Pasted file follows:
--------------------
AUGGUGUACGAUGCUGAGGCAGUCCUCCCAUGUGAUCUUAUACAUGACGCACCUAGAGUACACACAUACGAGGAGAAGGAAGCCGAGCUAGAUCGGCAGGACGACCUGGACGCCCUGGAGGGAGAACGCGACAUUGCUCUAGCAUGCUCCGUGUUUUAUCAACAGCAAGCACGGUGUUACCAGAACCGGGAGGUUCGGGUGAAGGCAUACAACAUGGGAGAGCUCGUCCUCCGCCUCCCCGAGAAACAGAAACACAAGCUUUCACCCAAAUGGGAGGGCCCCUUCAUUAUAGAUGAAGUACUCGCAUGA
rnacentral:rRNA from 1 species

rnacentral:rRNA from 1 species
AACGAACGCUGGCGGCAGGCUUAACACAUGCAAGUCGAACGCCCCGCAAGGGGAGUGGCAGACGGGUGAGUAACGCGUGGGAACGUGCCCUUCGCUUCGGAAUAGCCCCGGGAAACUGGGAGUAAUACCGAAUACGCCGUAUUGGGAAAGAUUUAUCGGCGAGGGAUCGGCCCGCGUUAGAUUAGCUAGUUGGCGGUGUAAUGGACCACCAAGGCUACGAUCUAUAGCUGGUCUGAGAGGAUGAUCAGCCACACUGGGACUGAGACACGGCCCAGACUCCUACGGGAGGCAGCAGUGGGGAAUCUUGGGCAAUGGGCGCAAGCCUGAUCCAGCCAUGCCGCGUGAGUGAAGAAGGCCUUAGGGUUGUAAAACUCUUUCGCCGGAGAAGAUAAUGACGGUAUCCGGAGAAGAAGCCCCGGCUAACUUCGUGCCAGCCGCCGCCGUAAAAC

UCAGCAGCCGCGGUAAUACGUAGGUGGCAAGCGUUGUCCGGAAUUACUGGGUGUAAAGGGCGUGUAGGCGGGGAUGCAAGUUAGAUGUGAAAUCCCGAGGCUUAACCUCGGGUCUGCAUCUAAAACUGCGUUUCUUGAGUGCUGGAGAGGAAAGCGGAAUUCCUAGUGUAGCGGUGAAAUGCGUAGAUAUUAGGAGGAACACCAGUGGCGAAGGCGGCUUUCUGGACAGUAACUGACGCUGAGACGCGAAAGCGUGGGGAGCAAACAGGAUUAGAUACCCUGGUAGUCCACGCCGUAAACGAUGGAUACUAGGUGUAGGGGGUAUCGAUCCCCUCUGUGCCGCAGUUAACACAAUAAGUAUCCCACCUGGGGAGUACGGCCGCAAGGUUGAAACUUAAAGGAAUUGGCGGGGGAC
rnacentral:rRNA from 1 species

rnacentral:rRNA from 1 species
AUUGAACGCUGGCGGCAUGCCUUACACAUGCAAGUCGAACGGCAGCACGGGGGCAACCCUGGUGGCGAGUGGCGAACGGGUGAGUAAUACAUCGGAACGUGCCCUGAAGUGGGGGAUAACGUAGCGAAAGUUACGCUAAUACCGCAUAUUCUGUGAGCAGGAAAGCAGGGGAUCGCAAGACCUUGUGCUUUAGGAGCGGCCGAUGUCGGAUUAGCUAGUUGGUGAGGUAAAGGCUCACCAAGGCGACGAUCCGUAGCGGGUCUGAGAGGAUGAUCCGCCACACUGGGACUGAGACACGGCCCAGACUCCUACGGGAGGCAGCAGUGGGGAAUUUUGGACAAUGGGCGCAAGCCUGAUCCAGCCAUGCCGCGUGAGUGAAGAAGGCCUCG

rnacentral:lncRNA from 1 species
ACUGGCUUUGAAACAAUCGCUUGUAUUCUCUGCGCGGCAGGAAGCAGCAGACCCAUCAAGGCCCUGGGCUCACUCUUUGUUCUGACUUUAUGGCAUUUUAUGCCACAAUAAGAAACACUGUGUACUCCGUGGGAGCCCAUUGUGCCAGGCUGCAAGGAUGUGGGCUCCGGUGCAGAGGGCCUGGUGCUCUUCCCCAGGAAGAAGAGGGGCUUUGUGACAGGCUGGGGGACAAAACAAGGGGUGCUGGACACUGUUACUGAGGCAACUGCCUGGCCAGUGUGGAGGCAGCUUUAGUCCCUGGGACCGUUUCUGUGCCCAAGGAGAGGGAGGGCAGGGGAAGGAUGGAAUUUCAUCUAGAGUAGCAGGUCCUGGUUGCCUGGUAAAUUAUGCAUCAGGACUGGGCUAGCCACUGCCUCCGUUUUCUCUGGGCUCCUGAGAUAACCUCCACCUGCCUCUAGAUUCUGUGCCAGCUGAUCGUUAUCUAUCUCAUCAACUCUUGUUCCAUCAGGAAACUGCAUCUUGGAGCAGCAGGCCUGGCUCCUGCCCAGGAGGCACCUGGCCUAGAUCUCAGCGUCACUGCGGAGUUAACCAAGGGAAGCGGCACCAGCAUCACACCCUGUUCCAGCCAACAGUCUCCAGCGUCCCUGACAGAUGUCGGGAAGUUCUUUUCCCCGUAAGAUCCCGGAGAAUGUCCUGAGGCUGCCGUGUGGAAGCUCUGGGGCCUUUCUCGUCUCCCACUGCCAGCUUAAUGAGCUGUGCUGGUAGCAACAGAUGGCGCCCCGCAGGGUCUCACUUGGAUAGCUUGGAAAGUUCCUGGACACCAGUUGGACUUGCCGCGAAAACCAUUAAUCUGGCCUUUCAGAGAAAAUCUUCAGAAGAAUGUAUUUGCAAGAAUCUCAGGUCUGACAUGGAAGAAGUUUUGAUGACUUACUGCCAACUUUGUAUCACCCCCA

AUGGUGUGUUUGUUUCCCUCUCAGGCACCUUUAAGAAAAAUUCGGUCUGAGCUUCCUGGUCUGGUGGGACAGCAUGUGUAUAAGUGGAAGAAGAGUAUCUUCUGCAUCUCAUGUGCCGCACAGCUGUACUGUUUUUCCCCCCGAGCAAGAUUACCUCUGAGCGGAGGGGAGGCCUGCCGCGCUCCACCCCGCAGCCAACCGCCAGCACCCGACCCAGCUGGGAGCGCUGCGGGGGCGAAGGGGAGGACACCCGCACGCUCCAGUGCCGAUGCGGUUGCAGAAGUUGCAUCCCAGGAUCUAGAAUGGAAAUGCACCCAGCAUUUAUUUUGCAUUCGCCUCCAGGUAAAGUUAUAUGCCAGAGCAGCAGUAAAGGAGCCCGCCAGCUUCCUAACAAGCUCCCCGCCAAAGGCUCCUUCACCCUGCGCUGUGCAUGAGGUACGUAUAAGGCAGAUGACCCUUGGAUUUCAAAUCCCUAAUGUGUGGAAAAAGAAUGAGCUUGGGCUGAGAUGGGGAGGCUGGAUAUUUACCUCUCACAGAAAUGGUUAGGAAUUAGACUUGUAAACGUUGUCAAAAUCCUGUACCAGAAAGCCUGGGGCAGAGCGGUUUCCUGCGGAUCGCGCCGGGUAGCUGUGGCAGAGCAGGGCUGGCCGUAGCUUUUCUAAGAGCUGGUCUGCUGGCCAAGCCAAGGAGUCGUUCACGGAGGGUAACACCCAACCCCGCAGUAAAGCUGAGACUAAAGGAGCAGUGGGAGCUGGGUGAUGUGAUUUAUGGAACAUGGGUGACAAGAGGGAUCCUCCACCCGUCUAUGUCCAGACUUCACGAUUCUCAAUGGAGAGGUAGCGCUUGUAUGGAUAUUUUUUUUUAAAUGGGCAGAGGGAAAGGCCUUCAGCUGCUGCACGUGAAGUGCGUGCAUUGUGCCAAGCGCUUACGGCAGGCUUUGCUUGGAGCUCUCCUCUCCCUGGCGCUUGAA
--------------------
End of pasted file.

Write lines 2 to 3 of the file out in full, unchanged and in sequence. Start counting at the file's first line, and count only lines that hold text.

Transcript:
rnacentral:rRNA from 1 species

rnacentral:rRNA from 1 species